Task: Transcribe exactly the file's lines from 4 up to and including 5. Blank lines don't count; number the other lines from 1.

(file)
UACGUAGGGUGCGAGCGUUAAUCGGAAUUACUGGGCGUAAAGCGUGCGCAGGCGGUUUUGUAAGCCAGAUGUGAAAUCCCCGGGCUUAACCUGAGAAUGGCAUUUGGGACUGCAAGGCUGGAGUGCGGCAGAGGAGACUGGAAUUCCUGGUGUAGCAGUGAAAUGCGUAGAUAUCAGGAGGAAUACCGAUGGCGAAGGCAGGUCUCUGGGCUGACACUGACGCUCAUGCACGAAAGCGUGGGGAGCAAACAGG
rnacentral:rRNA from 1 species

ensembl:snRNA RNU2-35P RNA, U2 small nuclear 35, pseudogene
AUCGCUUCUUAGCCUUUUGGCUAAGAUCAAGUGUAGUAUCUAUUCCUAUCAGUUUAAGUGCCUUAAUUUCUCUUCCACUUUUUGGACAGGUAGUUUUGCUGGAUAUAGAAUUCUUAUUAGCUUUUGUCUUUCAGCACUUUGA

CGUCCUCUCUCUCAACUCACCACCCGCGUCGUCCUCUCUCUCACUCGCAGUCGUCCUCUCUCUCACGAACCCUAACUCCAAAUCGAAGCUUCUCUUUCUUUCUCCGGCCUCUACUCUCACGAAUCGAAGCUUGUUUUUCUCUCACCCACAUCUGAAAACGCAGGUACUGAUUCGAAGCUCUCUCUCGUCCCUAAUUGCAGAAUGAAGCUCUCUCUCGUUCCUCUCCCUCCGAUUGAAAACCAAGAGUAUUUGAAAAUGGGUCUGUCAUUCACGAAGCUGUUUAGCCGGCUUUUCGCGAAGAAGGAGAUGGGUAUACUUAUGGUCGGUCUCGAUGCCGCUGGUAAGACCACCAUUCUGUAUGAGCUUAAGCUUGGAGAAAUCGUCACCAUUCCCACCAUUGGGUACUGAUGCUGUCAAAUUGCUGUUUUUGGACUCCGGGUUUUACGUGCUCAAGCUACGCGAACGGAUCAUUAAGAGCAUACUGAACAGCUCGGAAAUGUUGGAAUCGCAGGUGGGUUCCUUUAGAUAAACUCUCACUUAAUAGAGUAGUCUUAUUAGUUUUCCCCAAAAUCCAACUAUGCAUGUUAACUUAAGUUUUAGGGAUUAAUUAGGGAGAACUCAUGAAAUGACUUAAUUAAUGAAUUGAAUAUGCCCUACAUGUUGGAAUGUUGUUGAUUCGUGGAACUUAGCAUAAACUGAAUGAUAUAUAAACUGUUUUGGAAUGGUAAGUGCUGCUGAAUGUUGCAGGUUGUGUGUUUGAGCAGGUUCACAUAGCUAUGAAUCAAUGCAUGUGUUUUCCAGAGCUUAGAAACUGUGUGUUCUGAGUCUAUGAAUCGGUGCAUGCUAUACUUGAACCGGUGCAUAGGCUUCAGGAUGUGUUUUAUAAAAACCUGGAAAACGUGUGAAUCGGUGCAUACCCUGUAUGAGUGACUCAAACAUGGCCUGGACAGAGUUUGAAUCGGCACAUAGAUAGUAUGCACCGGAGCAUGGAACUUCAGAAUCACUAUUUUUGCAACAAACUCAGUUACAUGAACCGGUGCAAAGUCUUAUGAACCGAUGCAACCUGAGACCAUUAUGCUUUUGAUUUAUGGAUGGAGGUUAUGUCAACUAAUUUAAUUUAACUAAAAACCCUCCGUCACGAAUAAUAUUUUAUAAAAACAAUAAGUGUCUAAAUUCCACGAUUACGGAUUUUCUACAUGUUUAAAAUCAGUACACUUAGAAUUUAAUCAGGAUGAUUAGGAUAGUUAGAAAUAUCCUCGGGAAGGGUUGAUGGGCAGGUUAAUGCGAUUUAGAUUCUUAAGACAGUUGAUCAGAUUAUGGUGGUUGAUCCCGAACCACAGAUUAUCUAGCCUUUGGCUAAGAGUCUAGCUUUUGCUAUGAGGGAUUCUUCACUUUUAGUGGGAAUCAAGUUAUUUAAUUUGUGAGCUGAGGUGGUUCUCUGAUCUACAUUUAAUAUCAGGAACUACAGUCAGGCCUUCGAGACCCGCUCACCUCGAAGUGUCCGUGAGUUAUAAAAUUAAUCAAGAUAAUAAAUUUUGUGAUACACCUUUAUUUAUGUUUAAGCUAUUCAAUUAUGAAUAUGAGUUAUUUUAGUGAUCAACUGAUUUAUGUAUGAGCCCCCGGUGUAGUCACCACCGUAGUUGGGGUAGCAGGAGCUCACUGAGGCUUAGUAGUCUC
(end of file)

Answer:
AUCGCUUCUUAGCCUUUUGGCUAAGAUCAAGUGUAGUAUCUAUUCCUAUCAGUUUAAGUGCCUUAAUUUCUCUUCCACUUUUUGGACAGGUAGUUUUGCUGGAUAUAGAAUUCUUAUUAGCUUUUGUCUUUCAGCACUUUGA

CGUCCUCUCUCUCAACUCACCACCCGCGUCGUCCUCUCUCUCACUCGCAGUCGUCCUCUCUCUCACGAACCCUAACUCCAAAUCGAAGCUUCUCUUUCUUUCUCCGGCCUCUACUCUCACGAAUCGAAGCUUGUUUUUCUCUCACCCACAUCUGAAAACGCAGGUACUGAUUCGAAGCUCUCUCUCGUCCCUAAUUGCAGAAUGAAGCUCUCUCUCGUUCCUCUCCCUCCGAUUGAAAACCAAGAGUAUUUGAAAAUGGGUCUGUCAUUCACGAAGCUGUUUAGCCGGCUUUUCGCGAAGAAGGAGAUGGGUAUACUUAUGGUCGGUCUCGAUGCCGCUGGUAAGACCACCAUUCUGUAUGAGCUUAAGCUUGGAGAAAUCGUCACCAUUCCCACCAUUGGGUACUGAUGCUGUCAAAUUGCUGUUUUUGGACUCCGGGUUUUACGUGCUCAAGCUACGCGAACGGAUCAUUAAGAGCAUACUGAACAGCUCGGAAAUGUUGGAAUCGCAGGUGGGUUCCUUUAGAUAAACUCUCACUUAAUAGAGUAGUCUUAUUAGUUUUCCCCAAAAUCCAACUAUGCAUGUUAACUUAAGUUUUAGGGAUUAAUUAGGGAGAACUCAUGAAAUGACUUAAUUAAUGAAUUGAAUAUGCCCUACAUGUUGGAAUGUUGUUGAUUCGUGGAACUUAGCAUAAACUGAAUGAUAUAUAAACUGUUUUGGAAUGGUAAGUGCUGCUGAAUGUUGCAGGUUGUGUGUUUGAGCAGGUUCACAUAGCUAUGAAUCAAUGCAUGUGUUUUCCAGAGCUUAGAAACUGUGUGUUCUGAGUCUAUGAAUCGGUGCAUGCUAUACUUGAACCGGUGCAUAGGCUUCAGGAUGUGUUUUAUAAAAACCUGGAAAACGUGUGAAUCGGUGCAUACCCUGUAUGAGUGACUCAAACAUGGCCUGGACAGAGUUUGAAUCGGCACAUAGAUAGUAUGCACCGGAGCAUGGAACUUCAGAAUCACUAUUUUUGCAACAAACUCAGUUACAUGAACCGGUGCAAAGUCUUAUGAACCGAUGCAACCUGAGACCAUUAUGCUUUUGAUUUAUGGAUGGAGGUUAUGUCAACUAAUUUAAUUUAACUAAAAACCCUCCGUCACGAAUAAUAUUUUAUAAAAACAAUAAGUGUCUAAAUUCCACGAUUACGGAUUUUCUACAUGUUUAAAAUCAGUACACUUAGAAUUUAAUCAGGAUGAUUAGGAUAGUUAGAAAUAUCCUCGGGAAGGGUUGAUGGGCAGGUUAAUGCGAUUUAGAUUCUUAAGACAGUUGAUCAGAUUAUGGUGGUUGAUCCCGAACCACAGAUUAUCUAGCCUUUGGCUAAGAGUCUAGCUUUUGCUAUGAGGGAUUCUUCACUUUUAGUGGGAAUCAAGUUAUUUAAUUUGUGAGCUGAGGUGGUUCUCUGAUCUACAUUUAAUAUCAGGAACUACAGUCAGGCCUUCGAGACCCGCUCACCUCGAAGUGUCCGUGAGUUAUAAAAUUAAUCAAGAUAAUAAAUUUUGUGAUACACCUUUAUUUAUGUUUAAGCUAUUCAAUUAUGAAUAUGAGUUAUUUUAGUGAUCAACUGAUUUAUGUAUGAGCCCCCGGUGUAGUCACCACCGUAGUUGGGGUAGCAGGAGCUCACUGAGGCUUAGUAGUCUC